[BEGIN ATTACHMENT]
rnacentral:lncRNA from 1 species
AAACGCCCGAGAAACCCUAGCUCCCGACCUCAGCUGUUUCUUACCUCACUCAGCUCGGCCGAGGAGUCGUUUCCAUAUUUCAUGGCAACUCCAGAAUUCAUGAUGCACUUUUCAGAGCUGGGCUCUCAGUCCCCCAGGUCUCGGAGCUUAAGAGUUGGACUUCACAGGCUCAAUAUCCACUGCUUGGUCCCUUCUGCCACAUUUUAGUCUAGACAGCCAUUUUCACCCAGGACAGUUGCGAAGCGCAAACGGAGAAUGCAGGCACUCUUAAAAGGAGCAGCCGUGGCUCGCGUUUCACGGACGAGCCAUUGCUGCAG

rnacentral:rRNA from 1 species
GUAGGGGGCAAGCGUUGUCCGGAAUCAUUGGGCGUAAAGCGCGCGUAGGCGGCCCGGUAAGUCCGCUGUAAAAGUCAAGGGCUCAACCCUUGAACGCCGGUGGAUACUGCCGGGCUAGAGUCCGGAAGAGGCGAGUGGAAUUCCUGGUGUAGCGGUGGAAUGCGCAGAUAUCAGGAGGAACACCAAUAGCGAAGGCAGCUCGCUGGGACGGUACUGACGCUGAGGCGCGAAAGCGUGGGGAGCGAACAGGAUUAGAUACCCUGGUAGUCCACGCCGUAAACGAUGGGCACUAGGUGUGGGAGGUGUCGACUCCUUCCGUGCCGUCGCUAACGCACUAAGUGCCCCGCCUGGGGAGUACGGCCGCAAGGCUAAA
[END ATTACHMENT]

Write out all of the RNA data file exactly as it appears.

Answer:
rnacentral:lncRNA from 1 species
AAACGCCCGAGAAACCCUAGCUCCCGACCUCAGCUGUUUCUUACCUCACUCAGCUCGGCCGAGGAGUCGUUUCCAUAUUUCAUGGCAACUCCAGAAUUCAUGAUGCACUUUUCAGAGCUGGGCUCUCAGUCCCCCAGGUCUCGGAGCUUAAGAGUUGGACUUCACAGGCUCAAUAUCCACUGCUUGGUCCCUUCUGCCACAUUUUAGUCUAGACAGCCAUUUUCACCCAGGACAGUUGCGAAGCGCAAACGGAGAAUGCAGGCACUCUUAAAAGGAGCAGCCGUGGCUCGCGUUUCACGGACGAGCCAUUGCUGCAG

rnacentral:rRNA from 1 species
GUAGGGGGCAAGCGUUGUCCGGAAUCAUUGGGCGUAAAGCGCGCGUAGGCGGCCCGGUAAGUCCGCUGUAAAAGUCAAGGGCUCAACCCUUGAACGCCGGUGGAUACUGCCGGGCUAGAGUCCGGAAGAGGCGAGUGGAAUUCCUGGUGUAGCGGUGGAAUGCGCAGAUAUCAGGAGGAACACCAAUAGCGAAGGCAGCUCGCUGGGACGGUACUGACGCUGAGGCGCGAAAGCGUGGGGAGCGAACAGGAUUAGAUACCCUGGUAGUCCACGCCGUAAACGAUGGGCACUAGGUGUGGGAGGUGUCGACUCCUUCCGUGCCGUCGCUAACGCACUAAGUGCCCCGCCUGGGGAGUACGGCCGCAAGGCUAAA